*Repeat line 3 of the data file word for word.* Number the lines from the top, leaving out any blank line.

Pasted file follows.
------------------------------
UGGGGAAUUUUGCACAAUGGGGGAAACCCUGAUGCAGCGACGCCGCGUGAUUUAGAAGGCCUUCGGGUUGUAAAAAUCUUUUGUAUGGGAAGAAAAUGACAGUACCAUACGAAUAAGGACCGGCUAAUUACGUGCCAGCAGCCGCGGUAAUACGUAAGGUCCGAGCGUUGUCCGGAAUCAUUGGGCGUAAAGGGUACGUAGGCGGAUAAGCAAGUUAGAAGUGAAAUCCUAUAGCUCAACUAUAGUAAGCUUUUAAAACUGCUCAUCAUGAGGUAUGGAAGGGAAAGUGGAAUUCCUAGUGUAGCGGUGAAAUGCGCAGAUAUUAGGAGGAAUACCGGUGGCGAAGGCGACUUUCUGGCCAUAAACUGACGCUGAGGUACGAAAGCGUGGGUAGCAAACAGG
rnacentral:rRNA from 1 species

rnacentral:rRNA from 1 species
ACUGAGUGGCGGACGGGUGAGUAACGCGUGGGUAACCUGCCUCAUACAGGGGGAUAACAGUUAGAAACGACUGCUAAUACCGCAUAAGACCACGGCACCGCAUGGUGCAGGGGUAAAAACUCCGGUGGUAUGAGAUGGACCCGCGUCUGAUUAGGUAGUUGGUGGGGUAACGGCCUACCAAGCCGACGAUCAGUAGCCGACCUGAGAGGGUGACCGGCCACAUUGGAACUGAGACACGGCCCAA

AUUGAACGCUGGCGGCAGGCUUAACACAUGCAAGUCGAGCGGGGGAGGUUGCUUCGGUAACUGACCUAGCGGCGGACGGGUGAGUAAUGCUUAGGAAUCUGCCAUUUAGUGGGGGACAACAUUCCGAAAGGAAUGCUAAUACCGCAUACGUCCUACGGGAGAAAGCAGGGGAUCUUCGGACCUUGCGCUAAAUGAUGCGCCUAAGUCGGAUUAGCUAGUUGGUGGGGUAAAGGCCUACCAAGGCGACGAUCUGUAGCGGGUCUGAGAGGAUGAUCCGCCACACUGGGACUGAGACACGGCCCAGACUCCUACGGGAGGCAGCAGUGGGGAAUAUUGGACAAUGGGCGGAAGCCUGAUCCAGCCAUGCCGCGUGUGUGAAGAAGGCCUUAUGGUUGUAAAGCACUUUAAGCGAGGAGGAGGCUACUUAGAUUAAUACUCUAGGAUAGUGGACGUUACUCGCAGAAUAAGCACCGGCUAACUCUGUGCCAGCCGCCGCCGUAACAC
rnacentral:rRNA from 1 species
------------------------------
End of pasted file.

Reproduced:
rnacentral:rRNA from 1 species